It’s not wrong to have a sense of self, but sometimes our egos inhibit our ability to move forward. In a new book, Ryan Holiday discusses how turning to other people can help us keep our egos in check. Buddhism contends that there is no permanent self, and that acting as though there is one is a source of suffering. Mindfulness meditation also offers a way to get beyond our own egos. Even psychedelic drugs have been promoted as a path toward obliterating the ego. Whatever method you choose, it helps to identify what your ego defenses protect and try to can get around the walls.
- Egos often hold people back, because they’re trying to attain something that doesn’t fit with their self-image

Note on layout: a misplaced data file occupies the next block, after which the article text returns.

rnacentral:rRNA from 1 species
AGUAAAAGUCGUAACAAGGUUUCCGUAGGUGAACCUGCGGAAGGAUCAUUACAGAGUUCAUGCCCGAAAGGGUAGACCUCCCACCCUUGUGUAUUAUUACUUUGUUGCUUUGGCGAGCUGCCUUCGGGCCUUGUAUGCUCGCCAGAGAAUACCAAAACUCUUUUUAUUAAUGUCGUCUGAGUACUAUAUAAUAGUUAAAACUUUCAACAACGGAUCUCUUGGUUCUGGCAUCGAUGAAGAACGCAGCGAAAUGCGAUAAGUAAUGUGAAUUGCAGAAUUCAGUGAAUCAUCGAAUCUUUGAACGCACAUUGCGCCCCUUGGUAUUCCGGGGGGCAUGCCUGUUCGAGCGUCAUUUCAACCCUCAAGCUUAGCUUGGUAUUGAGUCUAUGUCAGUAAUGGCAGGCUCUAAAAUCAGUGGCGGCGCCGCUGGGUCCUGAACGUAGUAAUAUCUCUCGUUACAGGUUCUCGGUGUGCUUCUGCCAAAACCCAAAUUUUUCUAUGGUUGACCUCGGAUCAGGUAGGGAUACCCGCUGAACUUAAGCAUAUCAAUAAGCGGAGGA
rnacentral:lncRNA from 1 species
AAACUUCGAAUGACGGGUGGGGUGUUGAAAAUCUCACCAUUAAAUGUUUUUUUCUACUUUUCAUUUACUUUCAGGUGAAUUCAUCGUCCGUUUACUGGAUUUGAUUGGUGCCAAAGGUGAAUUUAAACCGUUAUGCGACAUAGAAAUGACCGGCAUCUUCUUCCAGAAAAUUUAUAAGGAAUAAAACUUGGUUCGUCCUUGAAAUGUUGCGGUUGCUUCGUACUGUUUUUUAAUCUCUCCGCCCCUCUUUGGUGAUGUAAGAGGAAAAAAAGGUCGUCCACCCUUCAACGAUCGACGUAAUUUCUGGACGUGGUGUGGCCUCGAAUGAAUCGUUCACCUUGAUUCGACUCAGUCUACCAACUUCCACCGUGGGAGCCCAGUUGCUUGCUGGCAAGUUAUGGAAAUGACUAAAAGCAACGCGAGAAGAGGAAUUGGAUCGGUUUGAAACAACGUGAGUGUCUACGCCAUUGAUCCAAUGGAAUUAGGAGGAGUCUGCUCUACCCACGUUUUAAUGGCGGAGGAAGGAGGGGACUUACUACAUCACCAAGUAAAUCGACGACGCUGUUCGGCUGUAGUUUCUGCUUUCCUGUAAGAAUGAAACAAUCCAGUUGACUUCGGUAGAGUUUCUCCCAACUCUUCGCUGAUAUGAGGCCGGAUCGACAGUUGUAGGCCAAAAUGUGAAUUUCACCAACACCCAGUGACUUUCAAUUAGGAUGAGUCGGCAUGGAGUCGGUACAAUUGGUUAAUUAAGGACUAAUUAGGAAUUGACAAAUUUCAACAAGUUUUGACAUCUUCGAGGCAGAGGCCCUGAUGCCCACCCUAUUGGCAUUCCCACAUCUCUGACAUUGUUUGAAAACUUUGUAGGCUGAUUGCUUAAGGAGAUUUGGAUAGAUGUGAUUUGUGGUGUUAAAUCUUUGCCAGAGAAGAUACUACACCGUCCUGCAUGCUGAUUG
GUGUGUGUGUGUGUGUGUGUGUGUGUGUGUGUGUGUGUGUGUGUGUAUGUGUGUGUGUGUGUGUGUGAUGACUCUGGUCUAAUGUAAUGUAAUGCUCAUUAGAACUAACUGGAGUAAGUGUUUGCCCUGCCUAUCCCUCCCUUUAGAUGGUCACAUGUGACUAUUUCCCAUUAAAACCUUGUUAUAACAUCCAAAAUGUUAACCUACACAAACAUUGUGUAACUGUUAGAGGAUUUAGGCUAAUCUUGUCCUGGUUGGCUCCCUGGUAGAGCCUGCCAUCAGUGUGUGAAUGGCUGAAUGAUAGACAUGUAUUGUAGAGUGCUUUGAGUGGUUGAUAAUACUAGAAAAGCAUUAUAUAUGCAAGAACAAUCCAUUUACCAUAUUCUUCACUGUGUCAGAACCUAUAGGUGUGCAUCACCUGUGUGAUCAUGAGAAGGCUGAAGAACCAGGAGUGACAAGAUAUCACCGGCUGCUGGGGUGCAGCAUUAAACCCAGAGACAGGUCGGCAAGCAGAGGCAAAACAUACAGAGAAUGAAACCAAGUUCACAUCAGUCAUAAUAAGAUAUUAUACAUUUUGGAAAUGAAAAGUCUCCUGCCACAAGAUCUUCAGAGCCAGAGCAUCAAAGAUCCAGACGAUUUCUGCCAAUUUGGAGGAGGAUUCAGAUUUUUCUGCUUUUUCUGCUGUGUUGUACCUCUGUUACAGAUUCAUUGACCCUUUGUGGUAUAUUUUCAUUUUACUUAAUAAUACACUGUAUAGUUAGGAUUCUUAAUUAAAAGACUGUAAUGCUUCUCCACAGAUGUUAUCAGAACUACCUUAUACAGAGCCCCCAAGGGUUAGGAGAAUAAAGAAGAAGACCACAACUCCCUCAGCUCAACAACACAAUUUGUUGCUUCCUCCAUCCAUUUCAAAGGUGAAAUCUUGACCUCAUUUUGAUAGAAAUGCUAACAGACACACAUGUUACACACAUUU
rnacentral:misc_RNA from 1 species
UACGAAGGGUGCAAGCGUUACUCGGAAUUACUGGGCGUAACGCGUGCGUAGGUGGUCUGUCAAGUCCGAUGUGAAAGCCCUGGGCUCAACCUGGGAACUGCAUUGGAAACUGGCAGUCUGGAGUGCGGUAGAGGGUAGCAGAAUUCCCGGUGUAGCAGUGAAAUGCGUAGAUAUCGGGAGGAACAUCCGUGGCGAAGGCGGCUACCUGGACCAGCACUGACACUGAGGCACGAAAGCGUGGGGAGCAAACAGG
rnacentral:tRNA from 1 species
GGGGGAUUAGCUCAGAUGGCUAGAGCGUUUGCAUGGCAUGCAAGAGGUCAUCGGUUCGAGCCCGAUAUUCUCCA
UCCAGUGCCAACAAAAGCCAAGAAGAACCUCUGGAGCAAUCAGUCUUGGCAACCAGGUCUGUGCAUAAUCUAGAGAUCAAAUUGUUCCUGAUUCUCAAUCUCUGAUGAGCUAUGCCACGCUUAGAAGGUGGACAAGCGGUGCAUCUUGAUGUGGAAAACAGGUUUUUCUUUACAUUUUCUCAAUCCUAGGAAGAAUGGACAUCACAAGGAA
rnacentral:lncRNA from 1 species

- People have been suggesting many solutions for how to keep your ego from preventing your personal growth
- For example, one expert suggests having a support network of people with varying success compared to yourself
“Every time we don’t do something important for fear of what others will think of us, rest on our laurels rather than start on our next big project, or refuse to acknowledge that we might have failed and need to do better next time is a case of our ego holding us back from being the best version of ourselves we can be.”